Federico Umberto D'Amato (Bureau of Reserved Affairs, Ministry of the Interior)

The bottom dropped out D’Amato’s world (who died on 1 August 1996) when, at the end of that year, 150,000 or so uncatalogued files (from which some of the most compromising documents may well have been removed) were discovered in a villa in the Via Appia on the outskirts of Rome — and not just documents either.  There was, for example, the dial of the timer used in the 9 August 1969 bombing of the Pescara-Rome train (the one carried out by Franco Freda himself).

Aldo Gianulli

This documentation, uncovered on 4 October 1996, after D’Amato’s demise, by Aldo Giannuli, an expert appointed by Judge Salvini, added up to an alternative record of the goings-on at the Viminale Palace. They contained information on many of the stories bound up with domestic espionage activity.  It was a secret archive that had never been shredded, simply deposited higgledy-piggledy in a dump— perhaps for possible future use.

At this point we need to go back forty years or so when, in 1956, Giuseppe Rauti, known as Pino, began to display signs of intolerance towards the “petit bourgeois and legalitarian” policy of Arturo Michelini, the secretary of his party, the Movimento Sociale Italiano (MSI).  Michelini had been elected supreme leader of the Italian neofascists in 1954 and was regarded as too soft in the parliamentary confrontations between the Christian Democratic right and the “hard-liners” from Giorgio Almirante’s faction.

Giorgio Almirante (left) and Pino Rauti (right) in 1956

Rauti was one of the hardest of hard-liners. He broke away from the MSI to set up the Ordine Nuovo study centre with Clemente Graziani, Paolo Signorelli, Stefano Serpieri and Stefano Delle Chiaie. In the autumn of 1969, when Giorgio Almirante became secretary of the MSI, Rauti returned to the party and dissolved the study centre.  This was only a formality as the Ordine Nuovo groups and organisation continued operating for several more years.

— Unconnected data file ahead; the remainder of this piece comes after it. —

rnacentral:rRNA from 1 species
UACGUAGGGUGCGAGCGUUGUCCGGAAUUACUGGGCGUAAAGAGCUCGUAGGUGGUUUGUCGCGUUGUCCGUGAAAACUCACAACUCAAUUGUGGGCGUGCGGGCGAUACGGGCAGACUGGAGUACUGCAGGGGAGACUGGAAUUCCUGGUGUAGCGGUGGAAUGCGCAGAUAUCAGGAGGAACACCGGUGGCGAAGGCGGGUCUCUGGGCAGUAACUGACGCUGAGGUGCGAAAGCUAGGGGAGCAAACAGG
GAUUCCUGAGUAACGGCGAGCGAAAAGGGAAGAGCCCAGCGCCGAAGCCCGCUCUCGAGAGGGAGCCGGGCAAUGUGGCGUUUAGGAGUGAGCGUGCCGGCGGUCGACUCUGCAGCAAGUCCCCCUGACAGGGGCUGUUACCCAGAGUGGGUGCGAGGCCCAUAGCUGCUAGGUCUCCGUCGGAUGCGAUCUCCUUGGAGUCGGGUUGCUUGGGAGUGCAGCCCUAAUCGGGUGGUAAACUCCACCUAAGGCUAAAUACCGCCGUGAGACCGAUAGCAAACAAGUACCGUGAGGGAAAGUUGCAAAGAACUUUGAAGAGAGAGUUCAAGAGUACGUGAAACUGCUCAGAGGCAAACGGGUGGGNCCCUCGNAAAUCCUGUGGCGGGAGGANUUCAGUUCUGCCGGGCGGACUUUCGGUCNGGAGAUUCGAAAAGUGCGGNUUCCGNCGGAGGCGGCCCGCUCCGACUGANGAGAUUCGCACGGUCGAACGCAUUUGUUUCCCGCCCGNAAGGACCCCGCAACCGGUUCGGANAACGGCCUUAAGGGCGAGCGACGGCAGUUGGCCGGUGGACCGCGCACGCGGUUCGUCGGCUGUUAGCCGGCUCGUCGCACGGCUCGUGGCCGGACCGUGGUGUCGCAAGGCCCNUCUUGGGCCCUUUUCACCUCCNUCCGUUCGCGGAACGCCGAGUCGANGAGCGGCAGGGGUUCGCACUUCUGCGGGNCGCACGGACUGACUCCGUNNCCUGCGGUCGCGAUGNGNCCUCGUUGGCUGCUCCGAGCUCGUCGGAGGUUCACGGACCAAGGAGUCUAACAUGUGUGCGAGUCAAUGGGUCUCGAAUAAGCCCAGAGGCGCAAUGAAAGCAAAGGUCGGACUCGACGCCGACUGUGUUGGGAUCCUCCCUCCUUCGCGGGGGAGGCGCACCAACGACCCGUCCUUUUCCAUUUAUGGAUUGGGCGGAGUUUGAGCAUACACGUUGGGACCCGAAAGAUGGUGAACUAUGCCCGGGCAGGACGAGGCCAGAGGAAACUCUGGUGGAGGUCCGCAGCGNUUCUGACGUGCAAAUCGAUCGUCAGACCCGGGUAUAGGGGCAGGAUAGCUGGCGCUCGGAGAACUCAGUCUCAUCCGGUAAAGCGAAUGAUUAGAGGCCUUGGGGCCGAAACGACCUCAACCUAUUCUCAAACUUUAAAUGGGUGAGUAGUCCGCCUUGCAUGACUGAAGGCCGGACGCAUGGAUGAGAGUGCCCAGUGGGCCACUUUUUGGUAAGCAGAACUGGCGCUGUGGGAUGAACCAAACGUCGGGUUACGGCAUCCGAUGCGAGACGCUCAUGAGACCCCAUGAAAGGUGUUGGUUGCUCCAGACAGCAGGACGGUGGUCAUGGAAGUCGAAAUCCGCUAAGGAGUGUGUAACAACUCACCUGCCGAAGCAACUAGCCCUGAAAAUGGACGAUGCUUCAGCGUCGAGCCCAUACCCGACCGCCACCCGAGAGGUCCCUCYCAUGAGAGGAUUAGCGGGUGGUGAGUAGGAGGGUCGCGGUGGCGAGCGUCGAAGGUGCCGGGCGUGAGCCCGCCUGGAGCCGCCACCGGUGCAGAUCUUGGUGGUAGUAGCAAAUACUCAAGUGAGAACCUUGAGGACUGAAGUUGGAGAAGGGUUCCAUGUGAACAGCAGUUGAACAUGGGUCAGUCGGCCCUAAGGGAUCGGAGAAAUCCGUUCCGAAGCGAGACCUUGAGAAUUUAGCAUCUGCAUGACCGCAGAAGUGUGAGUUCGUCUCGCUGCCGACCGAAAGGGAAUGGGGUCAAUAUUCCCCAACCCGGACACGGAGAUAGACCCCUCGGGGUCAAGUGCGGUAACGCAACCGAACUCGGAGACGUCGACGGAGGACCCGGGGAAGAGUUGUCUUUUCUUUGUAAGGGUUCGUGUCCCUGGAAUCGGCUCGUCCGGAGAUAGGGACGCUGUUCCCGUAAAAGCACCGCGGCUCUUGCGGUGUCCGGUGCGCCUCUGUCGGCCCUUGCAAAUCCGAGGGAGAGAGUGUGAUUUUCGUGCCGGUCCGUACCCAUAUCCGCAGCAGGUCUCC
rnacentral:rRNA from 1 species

In 1958 Delle Chiaie began to cut loose from Rauti’s apron strings and in 1960 this led to his launching Avanguardia Nazionale. This latter organisation was formally disbanded in 1966 to allow many of its members to rejoin the MSI, but in 1968 Delle Chiaie formally refloated the never disbanded organisation.

Julius Evola

Ordine Nuovo and Avanguardia Nazionale were substantially the same ideologically. Their main theoretical reference point was the philosopher Julius Evola, whom Rauti had known in the later 1940s. Their programmes were based on the struggle against communism and capitalism and in support of a corporatist State, following the model of the 28 August 1919 revolutionary nationalist programme of the Fasci di Combattimento established in the Piazza San Sepolcro in Milan on 23 March 1919. That programme had been refined (in its presentation at least) by the Salò Republic (the volunteers of which had included the then 17 year old Rauti). The fight was also directed against the parliamentary system and all forms of democracy, in order to bring about an aristocratic and organic State, borrowing the ideas of Nazi Germany. The ultimate goal was a New European Order.